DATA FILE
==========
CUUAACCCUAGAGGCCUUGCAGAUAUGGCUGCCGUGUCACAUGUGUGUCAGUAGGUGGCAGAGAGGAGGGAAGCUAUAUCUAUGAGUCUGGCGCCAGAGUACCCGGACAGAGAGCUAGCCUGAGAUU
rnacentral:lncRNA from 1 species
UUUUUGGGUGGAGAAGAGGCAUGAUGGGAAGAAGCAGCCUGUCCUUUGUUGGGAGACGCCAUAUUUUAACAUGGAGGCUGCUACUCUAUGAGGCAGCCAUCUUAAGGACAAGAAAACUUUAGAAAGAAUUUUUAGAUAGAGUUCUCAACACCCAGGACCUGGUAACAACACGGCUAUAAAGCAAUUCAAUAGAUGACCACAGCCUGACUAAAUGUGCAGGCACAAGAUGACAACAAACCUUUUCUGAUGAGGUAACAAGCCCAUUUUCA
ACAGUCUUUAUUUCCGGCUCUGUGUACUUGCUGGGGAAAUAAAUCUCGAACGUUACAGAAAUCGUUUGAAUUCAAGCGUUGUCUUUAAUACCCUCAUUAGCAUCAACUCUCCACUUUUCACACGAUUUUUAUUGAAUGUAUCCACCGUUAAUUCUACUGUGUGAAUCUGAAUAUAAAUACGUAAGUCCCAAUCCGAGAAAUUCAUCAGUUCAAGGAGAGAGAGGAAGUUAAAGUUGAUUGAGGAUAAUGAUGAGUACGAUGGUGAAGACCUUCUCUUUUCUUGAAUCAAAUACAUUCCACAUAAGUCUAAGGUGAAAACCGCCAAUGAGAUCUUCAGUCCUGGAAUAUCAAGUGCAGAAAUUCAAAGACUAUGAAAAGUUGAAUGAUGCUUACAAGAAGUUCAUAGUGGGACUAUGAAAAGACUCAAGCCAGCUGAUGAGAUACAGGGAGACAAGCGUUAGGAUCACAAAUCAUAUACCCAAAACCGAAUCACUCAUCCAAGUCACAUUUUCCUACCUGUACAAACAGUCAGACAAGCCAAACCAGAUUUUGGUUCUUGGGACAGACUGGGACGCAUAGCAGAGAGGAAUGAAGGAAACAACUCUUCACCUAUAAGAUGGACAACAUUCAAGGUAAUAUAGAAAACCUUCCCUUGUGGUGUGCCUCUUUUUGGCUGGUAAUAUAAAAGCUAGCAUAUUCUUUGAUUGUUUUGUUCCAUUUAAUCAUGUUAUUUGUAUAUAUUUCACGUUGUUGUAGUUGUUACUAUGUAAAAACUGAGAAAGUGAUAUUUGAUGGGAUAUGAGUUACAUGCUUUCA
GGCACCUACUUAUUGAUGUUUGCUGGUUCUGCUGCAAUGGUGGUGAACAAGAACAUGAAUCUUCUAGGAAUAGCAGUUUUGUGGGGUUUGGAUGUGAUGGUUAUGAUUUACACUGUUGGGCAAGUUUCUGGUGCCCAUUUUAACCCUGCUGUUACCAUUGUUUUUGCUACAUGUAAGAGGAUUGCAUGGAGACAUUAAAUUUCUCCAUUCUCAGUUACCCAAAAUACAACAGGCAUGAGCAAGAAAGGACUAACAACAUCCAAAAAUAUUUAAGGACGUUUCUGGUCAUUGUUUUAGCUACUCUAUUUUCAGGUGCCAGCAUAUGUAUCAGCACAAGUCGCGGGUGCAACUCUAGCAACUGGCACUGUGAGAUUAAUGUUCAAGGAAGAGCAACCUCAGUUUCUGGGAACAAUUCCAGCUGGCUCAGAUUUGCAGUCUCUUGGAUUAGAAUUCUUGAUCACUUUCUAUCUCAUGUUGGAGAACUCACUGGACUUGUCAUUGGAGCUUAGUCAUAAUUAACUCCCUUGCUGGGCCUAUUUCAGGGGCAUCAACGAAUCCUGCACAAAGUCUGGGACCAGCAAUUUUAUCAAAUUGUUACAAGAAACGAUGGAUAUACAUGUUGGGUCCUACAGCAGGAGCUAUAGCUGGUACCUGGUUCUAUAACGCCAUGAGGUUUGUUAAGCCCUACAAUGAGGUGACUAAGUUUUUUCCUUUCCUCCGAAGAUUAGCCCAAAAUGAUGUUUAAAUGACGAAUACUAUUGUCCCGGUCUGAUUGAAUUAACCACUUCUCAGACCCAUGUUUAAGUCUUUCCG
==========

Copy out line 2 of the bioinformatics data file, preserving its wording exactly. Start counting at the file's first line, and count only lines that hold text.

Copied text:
rnacentral:lncRNA from 1 species